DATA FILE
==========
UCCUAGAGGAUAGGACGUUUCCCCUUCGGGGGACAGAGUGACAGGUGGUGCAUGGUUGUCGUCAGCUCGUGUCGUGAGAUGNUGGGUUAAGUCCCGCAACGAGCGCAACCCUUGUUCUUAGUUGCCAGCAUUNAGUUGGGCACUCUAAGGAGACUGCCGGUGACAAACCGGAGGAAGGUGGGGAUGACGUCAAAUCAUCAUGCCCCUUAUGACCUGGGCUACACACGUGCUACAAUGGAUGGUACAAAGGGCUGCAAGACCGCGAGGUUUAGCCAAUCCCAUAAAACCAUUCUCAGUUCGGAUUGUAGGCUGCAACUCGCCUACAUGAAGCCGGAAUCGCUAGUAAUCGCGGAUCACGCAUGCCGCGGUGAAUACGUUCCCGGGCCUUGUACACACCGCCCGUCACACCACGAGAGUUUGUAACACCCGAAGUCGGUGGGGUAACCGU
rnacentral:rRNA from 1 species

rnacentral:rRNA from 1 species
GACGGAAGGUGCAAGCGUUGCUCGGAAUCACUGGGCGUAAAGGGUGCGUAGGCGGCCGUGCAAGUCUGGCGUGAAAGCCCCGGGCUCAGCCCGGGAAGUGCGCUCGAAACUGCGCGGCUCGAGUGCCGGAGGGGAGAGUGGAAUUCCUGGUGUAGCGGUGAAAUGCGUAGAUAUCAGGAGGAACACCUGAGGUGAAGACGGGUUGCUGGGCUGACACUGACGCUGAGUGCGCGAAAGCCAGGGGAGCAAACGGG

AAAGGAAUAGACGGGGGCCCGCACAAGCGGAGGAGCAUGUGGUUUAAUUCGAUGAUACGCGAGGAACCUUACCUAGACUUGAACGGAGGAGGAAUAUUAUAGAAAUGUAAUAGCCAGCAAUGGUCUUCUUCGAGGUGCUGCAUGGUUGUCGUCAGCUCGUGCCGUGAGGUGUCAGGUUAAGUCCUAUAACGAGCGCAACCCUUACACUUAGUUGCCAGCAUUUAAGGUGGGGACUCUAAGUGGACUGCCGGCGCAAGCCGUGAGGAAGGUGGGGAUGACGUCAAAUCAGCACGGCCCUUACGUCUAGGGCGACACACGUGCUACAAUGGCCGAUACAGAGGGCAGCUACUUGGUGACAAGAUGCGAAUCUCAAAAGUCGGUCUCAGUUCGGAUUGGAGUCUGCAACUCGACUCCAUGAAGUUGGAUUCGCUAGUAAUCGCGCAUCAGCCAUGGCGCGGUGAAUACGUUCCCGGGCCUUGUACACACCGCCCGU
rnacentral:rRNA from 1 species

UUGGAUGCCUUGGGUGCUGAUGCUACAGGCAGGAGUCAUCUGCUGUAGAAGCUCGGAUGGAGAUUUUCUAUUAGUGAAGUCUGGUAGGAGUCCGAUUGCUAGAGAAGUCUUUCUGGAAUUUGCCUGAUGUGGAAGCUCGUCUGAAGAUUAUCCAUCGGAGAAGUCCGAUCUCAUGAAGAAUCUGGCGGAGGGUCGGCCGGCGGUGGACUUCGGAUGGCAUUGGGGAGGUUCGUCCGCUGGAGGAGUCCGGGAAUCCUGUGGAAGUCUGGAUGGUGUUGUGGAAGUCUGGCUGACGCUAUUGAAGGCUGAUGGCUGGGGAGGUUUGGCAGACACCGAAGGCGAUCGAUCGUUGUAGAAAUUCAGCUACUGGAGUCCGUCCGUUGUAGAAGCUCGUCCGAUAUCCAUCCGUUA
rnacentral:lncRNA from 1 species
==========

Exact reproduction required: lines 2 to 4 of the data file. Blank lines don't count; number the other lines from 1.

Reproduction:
rnacentral:rRNA from 1 species

rnacentral:rRNA from 1 species
GACGGAAGGUGCAAGCGUUGCUCGGAAUCACUGGGCGUAAAGGGUGCGUAGGCGGCCGUGCAAGUCUGGCGUGAAAGCCCCGGGCUCAGCCCGGGAAGUGCGCUCGAAACUGCGCGGCUCGAGUGCCGGAGGGGAGAGUGGAAUUCCUGGUGUAGCGGUGAAAUGCGUAGAUAUCAGGAGGAACACCUGAGGUGAAGACGGGUUGCUGGGCUGACACUGACGCUGAGUGCGCGAAAGCCAGGGGAGCAAACGGG